This entry was posted on Tuesday, August 28th, 2012 at 9:16 and is filed under Analysis & Commentary, Smartphone. You can follow any responses to this entry through the RSS 2.0 feed. Both comments and pings are currently closed.
I still marval over the frenzy Apple can generate over its iPhone even in light of the latest rumors that show pieces of a next-generation release that barely catches up with Android hardware that has been available for months…and even over a year in some cases. When Apple showed off iOS 5 last year at WWDC, it’s top ten list of improvements included four Android features, most notably the Notification Center. This year, iOS 6 showed off many Android attributes again and yet the media treated it like Apple re-invented the iPhone all over. Please.
The truth is, the next iPhone will be of little matter and those running the two phones from previous revs will have something that looks almost identical to the new one and all three will run the same operating system. Sure, the new one will support a key feature or two the older hardware will not have within the confines of its slate glass body, but still, they all will play in iOS 6 land.
Google released its follow up to Ice Cream Sandwich (Android 4.0) called Jellybean recently and those devices that have it look filled with envelope-pushing technology. (Sorry iPhone users, you’ll have to wait for iOS 7 to get most of them.) The Nexus S is the model of which Google loves to show off its newest creation and it really does shine on the Samsung-made hardware. But interestingly enough, Samsung’s own recently release Galaxy S III runs the older 4.0 instead of 4.1. It’s puzzling since it’s not even a major release as to why the Galaxy is not in the same universe as its sister model. This seems to be one major problem of Android that Apple has no issues with. Why?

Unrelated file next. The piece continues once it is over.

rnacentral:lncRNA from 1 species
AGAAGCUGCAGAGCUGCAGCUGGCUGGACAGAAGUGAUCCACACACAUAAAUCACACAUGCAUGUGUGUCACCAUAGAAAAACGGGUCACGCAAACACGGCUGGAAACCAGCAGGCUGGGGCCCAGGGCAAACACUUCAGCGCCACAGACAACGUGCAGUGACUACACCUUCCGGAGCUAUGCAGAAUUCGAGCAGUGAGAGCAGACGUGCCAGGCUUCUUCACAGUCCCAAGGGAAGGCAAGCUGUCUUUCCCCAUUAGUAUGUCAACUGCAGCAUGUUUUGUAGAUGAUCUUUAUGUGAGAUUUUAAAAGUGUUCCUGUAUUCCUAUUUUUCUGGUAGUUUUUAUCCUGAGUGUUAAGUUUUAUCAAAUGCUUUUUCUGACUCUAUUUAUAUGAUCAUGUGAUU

Android is much like Microsoft Windows. It’s an operating system freely given away (unlike Windows) to hardware vendors to slap it into its phone. Just like Windows, there are guidelines made for the hardware; however, manufacturers are free to offer a variety of features to differentiate themselves from the competition. This creates variations that requires engineers to make adoptions to the operating system, Android, to function on its device. This difference is known as “forking” in the industry. Because of this, Android updates generally fall behind in release once Google hands it over to the manufacturers. Sometimes, the new OS has made some changes that require heavy lifting to make it function on older hardware, even as old as a few months. So, it’s just easier to create a new device than spend more time getting an old one to run the new update.
Take a look at the Android landscape and you’ll find much of the hardware is not running Android 4.1. Heck, a lot isn’t even running 4.0. There are still Honeycomb devices in the wild and even older versions of Android elsewhere. But take a look at any iPhone made in the last three years – a lifetime in technology – and the vast majority are running iOS 5. Forking has prevented Android users in staying current let alone cutting edge. As seen with the Samsung Galaxy S III, just because you purchase a relatively new Android phone doesn’t mean you’ll be abe to run the newest operating system on it. This is one of the greatest drawbacks of Android and one reason I have stuck it out with the iPhone.
Google will tighten its code more and more and thus allow for easier upgrade paths for Android phones; however, as long as the alien software allows for heavy forking, you most likely will be stuck with your version of the operating system until your next hardware upgrade. It seems ironic for an operating system that Apple has been playing catch-up to for the last two, maybe even three, years that owners of the avant-garde Android will be passed up by the snail in just one short year.